This book makes a convincing case that many things such as artificial intelligence, pandemic disease, sea-level rise, nuclear ice age, Internet of everything, meteor strike and CRISPR gene editing will bring humanity as we know it to an end. Warnings: Finding Cassandras to Stop Catastrophes by Richard A. Clarke and R.P. Eddy is a fun read for people who are accepting of the fact that we live in a dangerous world that might crash at any minute. For everyone else, it will be a spine-tingling thriller that probably portends humanity’s future demise within a few decades if not our personal one in a few months.
Having departed from my young adult occupation as a B-47 H-bomber pilot back in 1960, I have lived under the realization of how easy it would be for those bombs to fall and our civilization to vanish. Consequently, I read Warnings with a cool head and a sanguine heart. I am basically a cheerful person but gloom and doom are not far beneath my pleasant exterior.
In my annual Probaway Person of the Year, which now has ten entries, there are five individuals who are creators of things that would fall into the book’s Warnings list: Albert Einstein and his promoting the creation of the American atomic bomb is one, and Jennifer Doudna and her creation of CRISPR is another.
Without any intent to have it so, I have had strange personal connections with top people in all of the new warning categories in Chapters 10 through 16. But what interested me most was the final chapter on what we could and should be doing to eliminate or at least mitigate the disasters that are already imminent.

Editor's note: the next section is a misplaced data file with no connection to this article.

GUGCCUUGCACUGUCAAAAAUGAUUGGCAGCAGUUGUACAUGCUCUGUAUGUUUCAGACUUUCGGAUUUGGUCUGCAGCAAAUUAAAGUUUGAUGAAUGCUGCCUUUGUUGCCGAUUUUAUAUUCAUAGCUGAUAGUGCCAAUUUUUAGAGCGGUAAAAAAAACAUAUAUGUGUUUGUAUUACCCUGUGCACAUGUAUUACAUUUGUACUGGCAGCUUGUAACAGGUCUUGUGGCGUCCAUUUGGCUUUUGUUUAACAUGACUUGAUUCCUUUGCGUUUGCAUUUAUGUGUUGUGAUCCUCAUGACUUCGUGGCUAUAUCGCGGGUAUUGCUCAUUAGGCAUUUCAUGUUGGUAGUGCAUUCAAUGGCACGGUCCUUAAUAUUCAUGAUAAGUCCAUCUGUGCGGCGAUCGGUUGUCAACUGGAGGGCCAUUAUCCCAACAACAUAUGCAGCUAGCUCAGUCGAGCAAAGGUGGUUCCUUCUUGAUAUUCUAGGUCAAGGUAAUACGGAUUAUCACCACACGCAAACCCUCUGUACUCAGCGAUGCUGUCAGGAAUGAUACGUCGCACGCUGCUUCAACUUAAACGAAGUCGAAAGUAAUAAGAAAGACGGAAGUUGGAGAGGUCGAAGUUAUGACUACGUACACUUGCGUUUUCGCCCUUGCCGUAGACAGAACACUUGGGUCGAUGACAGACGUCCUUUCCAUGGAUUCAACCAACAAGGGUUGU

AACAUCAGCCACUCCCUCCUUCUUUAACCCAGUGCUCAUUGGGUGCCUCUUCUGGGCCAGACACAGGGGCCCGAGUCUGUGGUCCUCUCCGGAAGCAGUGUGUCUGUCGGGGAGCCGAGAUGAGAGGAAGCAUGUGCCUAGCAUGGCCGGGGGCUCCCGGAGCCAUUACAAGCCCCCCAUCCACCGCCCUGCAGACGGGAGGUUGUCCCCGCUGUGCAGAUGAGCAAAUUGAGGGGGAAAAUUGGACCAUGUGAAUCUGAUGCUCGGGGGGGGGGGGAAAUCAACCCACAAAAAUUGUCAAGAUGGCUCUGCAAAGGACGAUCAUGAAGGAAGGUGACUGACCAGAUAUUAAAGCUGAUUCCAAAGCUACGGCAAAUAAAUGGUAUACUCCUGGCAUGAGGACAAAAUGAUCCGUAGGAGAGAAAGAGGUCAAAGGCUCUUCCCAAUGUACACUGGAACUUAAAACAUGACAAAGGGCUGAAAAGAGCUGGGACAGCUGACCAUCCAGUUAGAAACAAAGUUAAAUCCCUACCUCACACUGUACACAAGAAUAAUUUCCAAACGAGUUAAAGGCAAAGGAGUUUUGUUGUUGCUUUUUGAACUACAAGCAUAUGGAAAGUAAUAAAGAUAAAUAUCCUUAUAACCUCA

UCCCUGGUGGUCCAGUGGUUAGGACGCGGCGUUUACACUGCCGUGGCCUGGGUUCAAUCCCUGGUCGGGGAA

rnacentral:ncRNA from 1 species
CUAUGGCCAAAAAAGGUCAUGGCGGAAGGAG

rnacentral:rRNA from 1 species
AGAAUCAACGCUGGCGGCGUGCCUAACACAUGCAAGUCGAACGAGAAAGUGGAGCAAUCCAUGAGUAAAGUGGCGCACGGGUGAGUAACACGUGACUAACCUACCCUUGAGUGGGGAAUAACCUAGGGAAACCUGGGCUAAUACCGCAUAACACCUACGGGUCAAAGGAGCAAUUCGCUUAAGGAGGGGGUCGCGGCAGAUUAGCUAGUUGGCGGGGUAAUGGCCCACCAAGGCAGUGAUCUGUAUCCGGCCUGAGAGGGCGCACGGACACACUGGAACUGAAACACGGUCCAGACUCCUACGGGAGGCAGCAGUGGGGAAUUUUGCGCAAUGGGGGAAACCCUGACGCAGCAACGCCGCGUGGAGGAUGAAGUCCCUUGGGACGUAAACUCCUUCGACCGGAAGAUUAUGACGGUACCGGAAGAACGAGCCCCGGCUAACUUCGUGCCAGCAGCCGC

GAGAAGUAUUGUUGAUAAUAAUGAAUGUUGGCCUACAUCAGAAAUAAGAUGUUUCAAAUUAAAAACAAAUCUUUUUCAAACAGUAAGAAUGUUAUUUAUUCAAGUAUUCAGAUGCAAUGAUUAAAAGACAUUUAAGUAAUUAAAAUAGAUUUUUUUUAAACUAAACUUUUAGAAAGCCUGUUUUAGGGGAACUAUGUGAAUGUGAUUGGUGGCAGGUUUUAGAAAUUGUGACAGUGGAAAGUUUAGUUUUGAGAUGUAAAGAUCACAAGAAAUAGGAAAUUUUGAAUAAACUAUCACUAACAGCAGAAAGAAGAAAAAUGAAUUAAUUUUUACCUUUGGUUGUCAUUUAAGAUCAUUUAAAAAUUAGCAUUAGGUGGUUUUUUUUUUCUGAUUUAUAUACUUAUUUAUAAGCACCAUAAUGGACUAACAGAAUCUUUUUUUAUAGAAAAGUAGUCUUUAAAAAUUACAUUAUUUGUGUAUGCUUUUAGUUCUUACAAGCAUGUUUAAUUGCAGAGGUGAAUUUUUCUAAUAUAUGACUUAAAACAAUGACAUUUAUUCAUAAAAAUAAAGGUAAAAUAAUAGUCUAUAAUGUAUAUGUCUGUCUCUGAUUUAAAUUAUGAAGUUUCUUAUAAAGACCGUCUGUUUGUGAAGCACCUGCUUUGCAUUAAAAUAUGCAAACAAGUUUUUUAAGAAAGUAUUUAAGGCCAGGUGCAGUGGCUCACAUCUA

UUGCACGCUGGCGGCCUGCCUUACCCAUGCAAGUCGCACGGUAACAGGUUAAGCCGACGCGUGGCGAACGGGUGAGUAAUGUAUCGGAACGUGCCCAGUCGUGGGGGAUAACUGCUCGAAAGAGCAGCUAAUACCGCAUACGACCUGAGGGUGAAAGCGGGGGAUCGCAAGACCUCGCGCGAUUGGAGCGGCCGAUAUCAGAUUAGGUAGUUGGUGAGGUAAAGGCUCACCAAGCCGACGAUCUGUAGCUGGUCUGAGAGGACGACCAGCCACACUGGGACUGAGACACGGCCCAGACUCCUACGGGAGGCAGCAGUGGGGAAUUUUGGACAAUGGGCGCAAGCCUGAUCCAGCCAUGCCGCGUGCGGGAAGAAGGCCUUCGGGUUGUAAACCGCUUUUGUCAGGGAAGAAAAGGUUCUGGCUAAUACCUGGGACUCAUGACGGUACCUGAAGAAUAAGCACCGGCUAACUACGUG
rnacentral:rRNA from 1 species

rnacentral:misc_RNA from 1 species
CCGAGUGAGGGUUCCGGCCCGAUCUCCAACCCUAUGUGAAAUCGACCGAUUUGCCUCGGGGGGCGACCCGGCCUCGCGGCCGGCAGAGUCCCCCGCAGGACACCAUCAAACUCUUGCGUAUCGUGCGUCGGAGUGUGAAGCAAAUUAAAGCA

Ouch; immediately we, you and I, hit a problem because the authors cut us out of the loop and put the responsibility for action exclusively into the hands of a rarified few people. The authors have been functioning at the White House level for much of their careers, and they limit the people whom they are willing to even consider listening to, to those very few people who are at the absolute pinnacle of their chosen field. The rest of us should go suck our thumbs like a bunch of spoiled children. Such statements as, “The White House, with its decision-making power, is best suited for creating and hosting such a forecasting office,” p. 355. This statement becomes truly chilling when we consider how unwilling our current president is to carefully analyze anything, let alone predicting and responding well before catastrophe strikes.
A few sentences later he mentions how one of the most informed people in Silicon Valley, Bill Joy, got to talk to the Chief of Staff, not the President, and nothing happened. Rock Stars can get interviews with the President, but not people who are really informed on a critical subject. That’s the definition of insane.
I came away from this basically good book with a realization that we humans are in deeper trouble than I imagined because of the mentality of the insiders. They talk about listening to Cassandras but then they put their fingers in their ears and their heads in the sand and they leave all of us with our asses sticking in the air.
It’s Nassim Taleb’s complaint in a new department. Only trust people who have skin in the game.